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FCC Cites BSW Over Transmitter Certifications

Commission says several low-power products didn’t comply with Part 15 rules

Rolls HR70 FM transmitter, front and rear views
Rolls HR70 Transmitter

This story has been updated with comments from Decade Transmitters.

The FCC has cited Broadcast Supply Worldwide for marketing several low-power FM transmitter models that it says didn’t comply with commission rules. The equipment dealer says it had been given incorrect information by the manufacturers.

The commission said BSW advertised and sold the Rolls HR70 FM Broadcast Transmitter and Decade MS-100, MS-100M and MS-100S models unlawfully. These devices are intended for applications like special events, church services and other very localized uses.

The chief of the Spectrum Enforcement Division wrote that, at the time the Rolls HR70 was on offer from BSW, the transmitter lacked required equipment authorization, labeling and user manual disclosures; it operated outside of the FM band; and it did not use a permanently attached antenna or one with a unique connector as required by the rules. Rolls subsequently received certification after BSW had stopped marketing that product.

The FCC also said BSW had marketed three Decade models that lacked appropriate labeling and user manual disclosures.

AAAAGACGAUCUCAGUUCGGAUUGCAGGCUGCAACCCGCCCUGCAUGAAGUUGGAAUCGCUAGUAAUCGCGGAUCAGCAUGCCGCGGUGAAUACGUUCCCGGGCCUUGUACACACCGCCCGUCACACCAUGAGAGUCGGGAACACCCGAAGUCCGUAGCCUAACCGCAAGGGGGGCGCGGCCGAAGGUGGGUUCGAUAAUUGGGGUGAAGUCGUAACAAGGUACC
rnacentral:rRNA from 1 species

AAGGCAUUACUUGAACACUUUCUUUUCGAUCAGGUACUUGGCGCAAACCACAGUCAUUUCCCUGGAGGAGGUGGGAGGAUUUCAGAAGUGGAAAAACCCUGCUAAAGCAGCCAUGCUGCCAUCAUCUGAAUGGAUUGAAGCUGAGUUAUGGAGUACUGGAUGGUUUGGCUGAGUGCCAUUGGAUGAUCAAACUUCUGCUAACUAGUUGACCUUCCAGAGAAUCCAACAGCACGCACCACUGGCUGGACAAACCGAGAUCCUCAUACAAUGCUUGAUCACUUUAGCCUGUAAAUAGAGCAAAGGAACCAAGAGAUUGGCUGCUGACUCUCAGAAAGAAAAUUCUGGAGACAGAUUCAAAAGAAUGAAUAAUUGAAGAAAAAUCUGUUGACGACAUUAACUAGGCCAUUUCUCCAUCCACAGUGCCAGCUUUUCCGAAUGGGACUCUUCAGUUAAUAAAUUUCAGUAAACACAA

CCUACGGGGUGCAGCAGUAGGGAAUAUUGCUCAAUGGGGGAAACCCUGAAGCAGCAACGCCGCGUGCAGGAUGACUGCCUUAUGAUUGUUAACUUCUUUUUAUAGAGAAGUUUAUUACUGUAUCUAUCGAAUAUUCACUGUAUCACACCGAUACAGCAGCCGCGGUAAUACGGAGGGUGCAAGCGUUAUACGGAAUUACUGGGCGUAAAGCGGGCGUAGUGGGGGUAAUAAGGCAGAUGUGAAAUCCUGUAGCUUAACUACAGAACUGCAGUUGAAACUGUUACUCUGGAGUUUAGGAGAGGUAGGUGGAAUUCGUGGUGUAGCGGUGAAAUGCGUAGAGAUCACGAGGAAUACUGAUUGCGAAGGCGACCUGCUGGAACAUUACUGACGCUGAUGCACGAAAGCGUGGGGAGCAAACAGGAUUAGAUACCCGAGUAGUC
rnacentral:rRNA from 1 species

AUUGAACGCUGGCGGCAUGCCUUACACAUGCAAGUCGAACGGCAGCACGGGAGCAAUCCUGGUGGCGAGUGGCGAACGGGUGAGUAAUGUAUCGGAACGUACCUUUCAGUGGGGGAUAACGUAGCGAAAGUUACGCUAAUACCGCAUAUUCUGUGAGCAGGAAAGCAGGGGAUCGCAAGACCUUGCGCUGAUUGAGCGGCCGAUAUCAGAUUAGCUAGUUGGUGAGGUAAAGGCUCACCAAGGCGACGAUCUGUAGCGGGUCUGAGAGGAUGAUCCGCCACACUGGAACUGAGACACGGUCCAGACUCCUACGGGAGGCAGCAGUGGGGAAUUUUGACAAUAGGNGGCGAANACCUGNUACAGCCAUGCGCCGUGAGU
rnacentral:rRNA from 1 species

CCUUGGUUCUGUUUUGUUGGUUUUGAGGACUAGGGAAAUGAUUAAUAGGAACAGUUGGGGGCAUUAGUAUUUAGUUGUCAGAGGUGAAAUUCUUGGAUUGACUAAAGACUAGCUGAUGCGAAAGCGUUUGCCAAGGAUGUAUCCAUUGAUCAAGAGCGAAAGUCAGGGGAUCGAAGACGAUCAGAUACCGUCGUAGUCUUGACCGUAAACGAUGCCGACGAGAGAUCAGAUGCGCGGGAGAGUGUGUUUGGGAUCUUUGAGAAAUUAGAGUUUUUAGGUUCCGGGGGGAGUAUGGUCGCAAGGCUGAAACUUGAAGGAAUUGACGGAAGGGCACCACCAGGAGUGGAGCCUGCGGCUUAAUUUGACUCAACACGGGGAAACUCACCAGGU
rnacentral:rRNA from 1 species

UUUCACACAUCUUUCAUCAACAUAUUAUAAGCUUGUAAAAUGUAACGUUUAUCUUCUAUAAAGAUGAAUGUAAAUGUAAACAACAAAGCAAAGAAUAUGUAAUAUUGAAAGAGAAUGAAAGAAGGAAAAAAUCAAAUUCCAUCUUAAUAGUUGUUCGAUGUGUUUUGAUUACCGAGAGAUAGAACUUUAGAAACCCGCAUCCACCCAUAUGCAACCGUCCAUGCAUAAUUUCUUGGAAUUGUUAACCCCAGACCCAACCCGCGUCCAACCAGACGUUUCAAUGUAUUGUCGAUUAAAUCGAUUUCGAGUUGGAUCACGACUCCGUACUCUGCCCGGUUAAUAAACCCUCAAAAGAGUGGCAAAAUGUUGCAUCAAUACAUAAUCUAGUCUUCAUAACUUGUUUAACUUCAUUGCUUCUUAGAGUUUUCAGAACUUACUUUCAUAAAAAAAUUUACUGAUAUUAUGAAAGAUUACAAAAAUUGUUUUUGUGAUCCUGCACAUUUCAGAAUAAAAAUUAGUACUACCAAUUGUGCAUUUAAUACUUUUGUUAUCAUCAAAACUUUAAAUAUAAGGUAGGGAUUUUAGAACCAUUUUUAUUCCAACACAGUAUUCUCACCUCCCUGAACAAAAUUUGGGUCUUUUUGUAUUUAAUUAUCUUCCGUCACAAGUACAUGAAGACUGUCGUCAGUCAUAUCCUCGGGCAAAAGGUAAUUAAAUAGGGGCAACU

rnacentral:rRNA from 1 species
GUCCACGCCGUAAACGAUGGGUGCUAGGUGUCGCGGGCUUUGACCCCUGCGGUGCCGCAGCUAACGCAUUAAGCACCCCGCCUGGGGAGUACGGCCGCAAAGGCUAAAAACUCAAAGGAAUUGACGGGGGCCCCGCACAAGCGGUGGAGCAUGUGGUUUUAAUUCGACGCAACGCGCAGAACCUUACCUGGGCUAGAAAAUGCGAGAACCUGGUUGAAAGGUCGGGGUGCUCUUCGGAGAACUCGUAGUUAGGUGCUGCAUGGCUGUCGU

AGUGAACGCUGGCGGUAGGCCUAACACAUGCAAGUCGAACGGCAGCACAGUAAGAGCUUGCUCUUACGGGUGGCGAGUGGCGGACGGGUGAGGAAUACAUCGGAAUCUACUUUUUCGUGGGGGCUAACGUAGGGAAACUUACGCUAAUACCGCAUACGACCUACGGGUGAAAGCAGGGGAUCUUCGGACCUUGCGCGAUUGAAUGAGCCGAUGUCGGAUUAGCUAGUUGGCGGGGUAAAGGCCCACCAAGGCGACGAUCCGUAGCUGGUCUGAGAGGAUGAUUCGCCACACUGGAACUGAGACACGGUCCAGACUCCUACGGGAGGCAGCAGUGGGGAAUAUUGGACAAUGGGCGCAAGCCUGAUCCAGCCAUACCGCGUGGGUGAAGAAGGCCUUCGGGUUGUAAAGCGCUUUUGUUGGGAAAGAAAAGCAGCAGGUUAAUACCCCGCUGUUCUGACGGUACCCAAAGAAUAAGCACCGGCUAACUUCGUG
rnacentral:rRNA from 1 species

BSW President/CEO Tim Schwieger told Radio World, “Unbeknownst to us, these transmitters failed to meet FCC requirements. All advertising and marketing materials provided by the manufacturers indicated these units were type approved for operation. Since we are a store and not the manufacturer, we depend on the factories to be legally compliant with the products they build.”

He said BSW cooperated with the FCC inquiries. “When the initial probe on this issue was brought to our attention, we stopped marketing and selling the units in question. We no longer offer the products for sale. In nearly 50 years of business, we take pride in our selection of products we offer our customers. We never intended to market products that should not have been sold due to legal nonconformity. Obviously, we will be monitoring this much more carefully.”

Michel Carrier, president and owner of Decade Transmitters Inc., contacted Radio World after this story originally appeared. He disputed the FCC’s account.

“I really wonder why the FCC inspector came to that conclusion, especially when the MS-100 and the MS-100S have been Part 15 certified by the FCC in 1997. You can look in the FCC certification database and you will find it there. They also stated that the MS-100 lack a proper labeling and manual disclosure, which is also not correct.”

He said no one had contacted him and believes it was a misunderstanding. “We have been manufacturing quality FM transmitters since 1991 and have always complied to FCC and Industry Canada rules. All transmitters use discrete, military grade components, not a ‘full-FM-transmitter-in-a-single-chip’ like the cheap Chinese transmitters that you can find an Amazon and other online stores. The FCC should not waste its time on legal transmitters like ours, but should check out the thousands of illegal Chinese transmitters sold online.”

He added, “It’s also the first time that a dealer has decided not to sell our excellent transmitters. We are a transparent company, and the technical and legal information about the legality of our transmitters is available on our website, and I’m always available to discuss any issues with my clients.”